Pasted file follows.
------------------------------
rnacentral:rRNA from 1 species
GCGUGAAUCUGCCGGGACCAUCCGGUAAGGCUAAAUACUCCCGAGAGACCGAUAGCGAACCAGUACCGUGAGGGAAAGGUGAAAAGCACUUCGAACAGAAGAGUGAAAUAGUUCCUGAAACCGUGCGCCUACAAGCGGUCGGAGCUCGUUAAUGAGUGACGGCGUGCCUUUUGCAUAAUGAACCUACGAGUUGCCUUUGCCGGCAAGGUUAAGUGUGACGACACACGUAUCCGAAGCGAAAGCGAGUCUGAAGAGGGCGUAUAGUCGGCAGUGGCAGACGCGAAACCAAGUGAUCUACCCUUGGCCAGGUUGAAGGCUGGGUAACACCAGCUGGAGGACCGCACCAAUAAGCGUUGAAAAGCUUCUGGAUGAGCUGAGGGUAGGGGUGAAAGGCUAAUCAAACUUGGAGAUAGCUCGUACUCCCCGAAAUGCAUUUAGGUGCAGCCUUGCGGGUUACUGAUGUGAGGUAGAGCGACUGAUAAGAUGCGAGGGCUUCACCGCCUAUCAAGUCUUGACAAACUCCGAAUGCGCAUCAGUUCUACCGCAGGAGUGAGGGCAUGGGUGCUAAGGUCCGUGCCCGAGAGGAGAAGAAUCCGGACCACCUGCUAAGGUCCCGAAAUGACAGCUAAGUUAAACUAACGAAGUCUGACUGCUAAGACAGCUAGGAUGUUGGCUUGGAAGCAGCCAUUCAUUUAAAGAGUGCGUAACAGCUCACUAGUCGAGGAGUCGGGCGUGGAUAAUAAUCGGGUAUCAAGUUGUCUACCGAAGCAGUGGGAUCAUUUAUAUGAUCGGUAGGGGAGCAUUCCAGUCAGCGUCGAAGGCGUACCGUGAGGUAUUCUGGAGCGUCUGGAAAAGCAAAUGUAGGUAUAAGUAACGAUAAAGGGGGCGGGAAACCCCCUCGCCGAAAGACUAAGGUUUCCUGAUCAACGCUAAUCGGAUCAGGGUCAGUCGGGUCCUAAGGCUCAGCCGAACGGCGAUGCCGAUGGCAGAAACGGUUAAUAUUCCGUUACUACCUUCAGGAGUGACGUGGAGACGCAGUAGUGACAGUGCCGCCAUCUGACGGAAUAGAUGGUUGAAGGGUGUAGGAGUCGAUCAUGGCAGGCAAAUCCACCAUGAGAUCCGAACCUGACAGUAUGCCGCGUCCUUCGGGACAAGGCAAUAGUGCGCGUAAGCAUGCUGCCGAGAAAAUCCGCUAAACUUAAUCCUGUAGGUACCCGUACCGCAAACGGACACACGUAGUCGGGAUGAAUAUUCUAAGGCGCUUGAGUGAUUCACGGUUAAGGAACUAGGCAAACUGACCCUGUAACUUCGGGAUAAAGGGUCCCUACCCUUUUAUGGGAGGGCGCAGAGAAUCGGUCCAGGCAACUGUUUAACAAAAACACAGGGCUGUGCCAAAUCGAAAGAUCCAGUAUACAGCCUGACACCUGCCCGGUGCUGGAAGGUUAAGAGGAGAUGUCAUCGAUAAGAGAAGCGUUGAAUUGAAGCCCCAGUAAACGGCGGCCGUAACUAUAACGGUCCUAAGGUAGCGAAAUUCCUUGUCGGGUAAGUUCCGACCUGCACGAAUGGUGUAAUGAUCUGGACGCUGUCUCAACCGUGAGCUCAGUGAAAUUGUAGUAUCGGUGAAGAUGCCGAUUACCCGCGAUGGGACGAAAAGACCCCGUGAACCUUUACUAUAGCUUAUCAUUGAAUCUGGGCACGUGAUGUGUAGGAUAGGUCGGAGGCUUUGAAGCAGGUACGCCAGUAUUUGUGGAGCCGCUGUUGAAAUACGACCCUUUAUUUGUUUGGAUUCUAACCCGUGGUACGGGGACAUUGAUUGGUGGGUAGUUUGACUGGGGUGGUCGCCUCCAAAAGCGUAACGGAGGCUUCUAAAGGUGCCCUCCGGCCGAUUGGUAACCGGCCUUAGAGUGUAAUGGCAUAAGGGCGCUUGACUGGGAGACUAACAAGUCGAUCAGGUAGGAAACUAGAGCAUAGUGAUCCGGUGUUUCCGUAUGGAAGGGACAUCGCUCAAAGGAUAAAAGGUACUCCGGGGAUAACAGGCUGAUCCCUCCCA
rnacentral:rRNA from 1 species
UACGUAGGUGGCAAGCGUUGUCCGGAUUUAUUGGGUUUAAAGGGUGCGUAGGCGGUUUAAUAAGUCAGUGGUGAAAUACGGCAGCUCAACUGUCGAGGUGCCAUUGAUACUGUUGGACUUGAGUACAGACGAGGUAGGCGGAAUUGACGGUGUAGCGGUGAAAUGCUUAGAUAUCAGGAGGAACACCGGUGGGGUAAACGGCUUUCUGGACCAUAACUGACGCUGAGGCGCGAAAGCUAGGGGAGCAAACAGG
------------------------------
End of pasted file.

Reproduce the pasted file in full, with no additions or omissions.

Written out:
rnacentral:rRNA from 1 species
GCGUGAAUCUGCCGGGACCAUCCGGUAAGGCUAAAUACUCCCGAGAGACCGAUAGCGAACCAGUACCGUGAGGGAAAGGUGAAAAGCACUUCGAACAGAAGAGUGAAAUAGUUCCUGAAACCGUGCGCCUACAAGCGGUCGGAGCUCGUUAAUGAGUGACGGCGUGCCUUUUGCAUAAUGAACCUACGAGUUGCCUUUGCCGGCAAGGUUAAGUGUGACGACACACGUAUCCGAAGCGAAAGCGAGUCUGAAGAGGGCGUAUAGUCGGCAGUGGCAGACGCGAAACCAAGUGAUCUACCCUUGGCCAGGUUGAAGGCUGGGUAACACCAGCUGGAGGACCGCACCAAUAAGCGUUGAAAAGCUUCUGGAUGAGCUGAGGGUAGGGGUGAAAGGCUAAUCAAACUUGGAGAUAGCUCGUACUCCCCGAAAUGCAUUUAGGUGCAGCCUUGCGGGUUACUGAUGUGAGGUAGAGCGACUGAUAAGAUGCGAGGGCUUCACCGCCUAUCAAGUCUUGACAAACUCCGAAUGCGCAUCAGUUCUACCGCAGGAGUGAGGGCAUGGGUGCUAAGGUCCGUGCCCGAGAGGAGAAGAAUCCGGACCACCUGCUAAGGUCCCGAAAUGACAGCUAAGUUAAACUAACGAAGUCUGACUGCUAAGACAGCUAGGAUGUUGGCUUGGAAGCAGCCAUUCAUUUAAAGAGUGCGUAACAGCUCACUAGUCGAGGAGUCGGGCGUGGAUAAUAAUCGGGUAUCAAGUUGUCUACCGAAGCAGUGGGAUCAUUUAUAUGAUCGGUAGGGGAGCAUUCCAGUCAGCGUCGAAGGCGUACCGUGAGGUAUUCUGGAGCGUCUGGAAAAGCAAAUGUAGGUAUAAGUAACGAUAAAGGGGGCGGGAAACCCCCUCGCCGAAAGACUAAGGUUUCCUGAUCAACGCUAAUCGGAUCAGGGUCAGUCGGGUCCUAAGGCUCAGCCGAACGGCGAUGCCGAUGGCAGAAACGGUUAAUAUUCCGUUACUACCUUCAGGAGUGACGUGGAGACGCAGUAGUGACAGUGCCGCCAUCUGACGGAAUAGAUGGUUGAAGGGUGUAGGAGUCGAUCAUGGCAGGCAAAUCCACCAUGAGAUCCGAACCUGACAGUAUGCCGCGUCCUUCGGGACAAGGCAAUAGUGCGCGUAAGCAUGCUGCCGAGAAAAUCCGCUAAACUUAAUCCUGUAGGUACCCGUACCGCAAACGGACACACGUAGUCGGGAUGAAUAUUCUAAGGCGCUUGAGUGAUUCACGGUUAAGGAACUAGGCAAACUGACCCUGUAACUUCGGGAUAAAGGGUCCCUACCCUUUUAUGGGAGGGCGCAGAGAAUCGGUCCAGGCAACUGUUUAACAAAAACACAGGGCUGUGCCAAAUCGAAAGAUCCAGUAUACAGCCUGACACCUGCCCGGUGCUGGAAGGUUAAGAGGAGAUGUCAUCGAUAAGAGAAGCGUUGAAUUGAAGCCCCAGUAAACGGCGGCCGUAACUAUAACGGUCCUAAGGUAGCGAAAUUCCUUGUCGGGUAAGUUCCGACCUGCACGAAUGGUGUAAUGAUCUGGACGCUGUCUCAACCGUGAGCUCAGUGAAAUUGUAGUAUCGGUGAAGAUGCCGAUUACCCGCGAUGGGACGAAAAGACCCCGUGAACCUUUACUAUAGCUUAUCAUUGAAUCUGGGCACGUGAUGUGUAGGAUAGGUCGGAGGCUUUGAAGCAGGUACGCCAGUAUUUGUGGAGCCGCUGUUGAAAUACGACCCUUUAUUUGUUUGGAUUCUAACCCGUGGUACGGGGACAUUGAUUGGUGGGUAGUUUGACUGGGGUGGUCGCCUCCAAAAGCGUAACGGAGGCUUCUAAAGGUGCCCUCCGGCCGAUUGGUAACCGGCCUUAGAGUGUAAUGGCAUAAGGGCGCUUGACUGGGAGACUAACAAGUCGAUCAGGUAGGAAACUAGAGCAUAGUGAUCCGGUGUUUCCGUAUGGAAGGGACAUCGCUCAAAGGAUAAAAGGUACUCCGGGGAUAACAGGCUGAUCCCUCCCA
rnacentral:rRNA from 1 species
UACGUAGGUGGCAAGCGUUGUCCGGAUUUAUUGGGUUUAAAGGGUGCGUAGGCGGUUUAAUAAGUCAGUGGUGAAAUACGGCAGCUCAACUGUCGAGGUGCCAUUGAUACUGUUGGACUUGAGUACAGACGAGGUAGGCGGAAUUGACGGUGUAGCGGUGAAAUGCUUAGAUAUCAGGAGGAACACCGGUGGGGUAAACGGCUUUCUGGACCAUAACUGACGCUGAGGCGCGAAAGCUAGGGGAGCAAACAGG